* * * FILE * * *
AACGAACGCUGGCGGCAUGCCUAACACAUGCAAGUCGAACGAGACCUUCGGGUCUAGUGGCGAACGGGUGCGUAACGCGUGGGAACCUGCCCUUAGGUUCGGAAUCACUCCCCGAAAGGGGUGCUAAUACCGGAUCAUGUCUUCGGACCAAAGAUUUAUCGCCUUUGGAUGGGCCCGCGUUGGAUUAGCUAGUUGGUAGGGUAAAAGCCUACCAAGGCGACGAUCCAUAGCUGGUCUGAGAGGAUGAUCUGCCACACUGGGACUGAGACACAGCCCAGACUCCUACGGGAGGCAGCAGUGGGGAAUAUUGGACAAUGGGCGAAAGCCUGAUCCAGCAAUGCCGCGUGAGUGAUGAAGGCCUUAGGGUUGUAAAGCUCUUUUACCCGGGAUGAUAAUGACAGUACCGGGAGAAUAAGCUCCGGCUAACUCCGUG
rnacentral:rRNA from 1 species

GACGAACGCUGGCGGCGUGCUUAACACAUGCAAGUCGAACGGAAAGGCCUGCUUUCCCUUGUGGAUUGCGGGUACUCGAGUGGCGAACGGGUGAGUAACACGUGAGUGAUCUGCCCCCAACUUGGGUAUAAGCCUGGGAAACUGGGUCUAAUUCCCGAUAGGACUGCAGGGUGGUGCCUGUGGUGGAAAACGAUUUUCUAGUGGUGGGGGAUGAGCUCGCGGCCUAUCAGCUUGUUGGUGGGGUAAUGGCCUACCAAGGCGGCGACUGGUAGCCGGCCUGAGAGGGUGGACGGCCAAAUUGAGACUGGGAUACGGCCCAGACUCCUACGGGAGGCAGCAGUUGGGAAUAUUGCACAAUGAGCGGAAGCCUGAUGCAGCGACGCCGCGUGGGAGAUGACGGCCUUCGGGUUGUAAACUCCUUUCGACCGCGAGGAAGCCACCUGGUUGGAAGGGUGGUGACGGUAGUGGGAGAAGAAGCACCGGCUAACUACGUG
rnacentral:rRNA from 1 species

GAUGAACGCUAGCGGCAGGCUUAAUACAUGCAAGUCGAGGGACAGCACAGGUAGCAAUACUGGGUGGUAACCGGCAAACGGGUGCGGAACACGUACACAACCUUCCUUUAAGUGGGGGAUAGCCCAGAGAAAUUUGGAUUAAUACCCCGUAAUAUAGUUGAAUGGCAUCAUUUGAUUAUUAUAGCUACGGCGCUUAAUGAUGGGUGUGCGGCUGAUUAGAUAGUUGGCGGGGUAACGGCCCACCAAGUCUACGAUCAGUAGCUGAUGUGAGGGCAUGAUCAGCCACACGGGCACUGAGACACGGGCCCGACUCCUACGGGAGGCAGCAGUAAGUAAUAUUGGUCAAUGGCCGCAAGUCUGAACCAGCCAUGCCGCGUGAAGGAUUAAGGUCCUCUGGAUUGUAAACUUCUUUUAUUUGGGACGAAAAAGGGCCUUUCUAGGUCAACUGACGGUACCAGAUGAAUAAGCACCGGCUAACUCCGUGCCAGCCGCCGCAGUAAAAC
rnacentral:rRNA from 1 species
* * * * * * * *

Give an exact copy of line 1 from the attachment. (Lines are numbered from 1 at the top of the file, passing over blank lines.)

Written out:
AACGAACGCUGGCGGCAUGCCUAACACAUGCAAGUCGAACGAGACCUUCGGGUCUAGUGGCGAACGGGUGCGUAACGCGUGGGAACCUGCCCUUAGGUUCGGAAUCACUCCCCGAAAGGGGUGCUAAUACCGGAUCAUGUCUUCGGACCAAAGAUUUAUCGCCUUUGGAUGGGCCCGCGUUGGAUUAGCUAGUUGGUAGGGUAAAAGCCUACCAAGGCGACGAUCCAUAGCUGGUCUGAGAGGAUGAUCUGCCACACUGGGACUGAGACACAGCCCAGACUCCUACGGGAGGCAGCAGUGGGGAAUAUUGGACAAUGGGCGAAAGCCUGAUCCAGCAAUGCCGCGUGAGUGAUGAAGGCCUUAGGGUUGUAAAGCUCUUUUACCCGGGAUGAUAAUGACAGUACCGGGAGAAUAAGCUCCGGCUAACUCCGUG